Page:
NEW YORK — Racial bias built into a common medical test for lung function is likely leading to fewer Black patients getting care for breathing problems, a study published Thursday suggests.
As many as 40% more Black male patients in the study might have been diagnosed with breathing problems if current diagnosis-assisting computer software was changed, the study said.
Doctors have long discussed the potential problems caused by race-based assumptions that are built into diagnostic software. This study, published in JAMA Network Open, offers one of the first real-world examples of how the the issue may affect diagnosis and care for lung patients, said Dr. Darshali Vyas, a pulmonary care doctor at Massachusetts General Hospital.
The results are “exciting” to see published but it’s also “what we’d expect” from setting aside race-based calculations, said Vyas, who was an author of an influential 2020 New England Journal of Medicine article that catalogued examples of how race-based assumptions are used in making doctors’ decisions about patient care.
For centuries, some doctors and others have held beliefs that there are natural racial differences in health, including one that Black people’s lungs were innately worse than those of white people. That assumption ended up in modern guidelines and algorithms for assessing risk and deciding on further care. Test results were adjusted to account for—or “correct” for—a patient’s race or ethnicity.
One example beyond lung function is a heart failure risk-scoring system that categorizes Black patients as being at lower risk and less likely to need referral for special cardiac care. Another is an equation used in determining kidney function that creates estimates of higher kidney function in Black patients.
The new study focused on a test to determine how much and how quickly a person can inhale and exhale. It’s often done using a spirometer — a device with a mouthpiece connected to a small machine.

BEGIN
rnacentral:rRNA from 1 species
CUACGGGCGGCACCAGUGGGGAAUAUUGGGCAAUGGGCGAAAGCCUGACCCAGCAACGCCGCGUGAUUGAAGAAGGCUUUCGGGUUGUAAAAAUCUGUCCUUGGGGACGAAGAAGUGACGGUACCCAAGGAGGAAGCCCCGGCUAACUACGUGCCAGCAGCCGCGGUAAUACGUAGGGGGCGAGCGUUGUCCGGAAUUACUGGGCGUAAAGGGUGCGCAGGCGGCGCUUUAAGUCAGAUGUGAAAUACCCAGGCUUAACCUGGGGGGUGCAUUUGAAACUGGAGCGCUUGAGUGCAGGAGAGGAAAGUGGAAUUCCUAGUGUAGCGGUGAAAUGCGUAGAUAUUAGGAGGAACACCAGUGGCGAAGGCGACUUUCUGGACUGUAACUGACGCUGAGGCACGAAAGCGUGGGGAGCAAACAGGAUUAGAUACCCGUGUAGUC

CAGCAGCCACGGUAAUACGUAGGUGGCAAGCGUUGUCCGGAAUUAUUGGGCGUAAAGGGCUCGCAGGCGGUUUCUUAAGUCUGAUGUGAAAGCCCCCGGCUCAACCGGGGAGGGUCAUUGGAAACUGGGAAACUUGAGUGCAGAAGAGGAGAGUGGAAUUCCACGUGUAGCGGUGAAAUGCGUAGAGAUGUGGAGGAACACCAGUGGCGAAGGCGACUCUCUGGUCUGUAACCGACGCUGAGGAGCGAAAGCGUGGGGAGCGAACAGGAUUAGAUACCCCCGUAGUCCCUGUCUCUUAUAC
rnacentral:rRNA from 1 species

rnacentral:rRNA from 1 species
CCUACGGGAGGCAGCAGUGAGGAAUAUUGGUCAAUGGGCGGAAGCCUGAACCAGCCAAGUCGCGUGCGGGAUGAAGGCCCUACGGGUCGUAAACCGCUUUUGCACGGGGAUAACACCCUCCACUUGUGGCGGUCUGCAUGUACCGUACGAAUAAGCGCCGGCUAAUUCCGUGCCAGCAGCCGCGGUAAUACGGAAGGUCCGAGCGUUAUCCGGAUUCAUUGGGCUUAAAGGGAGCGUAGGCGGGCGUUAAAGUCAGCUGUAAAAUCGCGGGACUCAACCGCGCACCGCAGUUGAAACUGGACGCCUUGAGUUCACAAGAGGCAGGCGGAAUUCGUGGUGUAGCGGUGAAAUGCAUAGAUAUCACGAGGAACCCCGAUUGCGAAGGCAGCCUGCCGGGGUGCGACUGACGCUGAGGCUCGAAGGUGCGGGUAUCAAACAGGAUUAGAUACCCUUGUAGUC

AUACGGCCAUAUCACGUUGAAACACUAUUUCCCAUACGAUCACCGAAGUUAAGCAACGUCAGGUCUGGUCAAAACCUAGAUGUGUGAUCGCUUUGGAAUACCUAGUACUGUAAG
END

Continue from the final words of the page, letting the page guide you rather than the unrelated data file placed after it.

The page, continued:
After the test, doctors get a report that has been run through computer software and scores the patient’s ability breathe. It helps indicate whether a patient has restrictions and needs further testing or care for things like asthma, chronic obstructive pulmonary disorder or lung scarring due to air pollutant exposure.
Algorithms that adjust for race raise the threshold for diagnosing a problem in Black patients and may make them less likely to get started on certain medications or to be referred for medical procedures or even lung transplants, Vyas said.
While physicians also look at symptoms, lab work, X-rays and family histories of breathing problems, the pulmonary function testing can be an important part of diagnoses, “especially when patients are borderline,” said Dr. Albert Rizzo, the chief medical officer at the American Lung Association.
The new study looked at more than 2,700 Black men and 5,700 white men tested by University of Pennsylvania Health System doctors between 2010 and 2020. The researchers looked at spirometry and lung volume measurements and assessed how many were deemed to have breathing impairments under the race-based algorithm as compared to under a new algorithm.
Researchers concluded there would be nearly 400 additional cases of lung obstruction or impairment in Black men with the new algorithm.
Earlier this year, the American Thoracic Society, which represents lung-care doctors, issued a statement recommending replacement of race-focused adjustments. But the organization also put a call out for more research, including into the best way to modify software and whether making a change might inadvertently lead to overdiagnosis of lung problems in some patients.
Vyas noted some other algorithms have already been changed to drop race-based assumptions, including one for pregnant women that predicts risks of vaginal delivery if the mom previously had a cesarean section.
Changing the lung-testing algorithm may take longer, Vyas said, especially if different hospitals use different versions of race-adjusting procedures and software.
Contact us at firstname.lastname@example.org.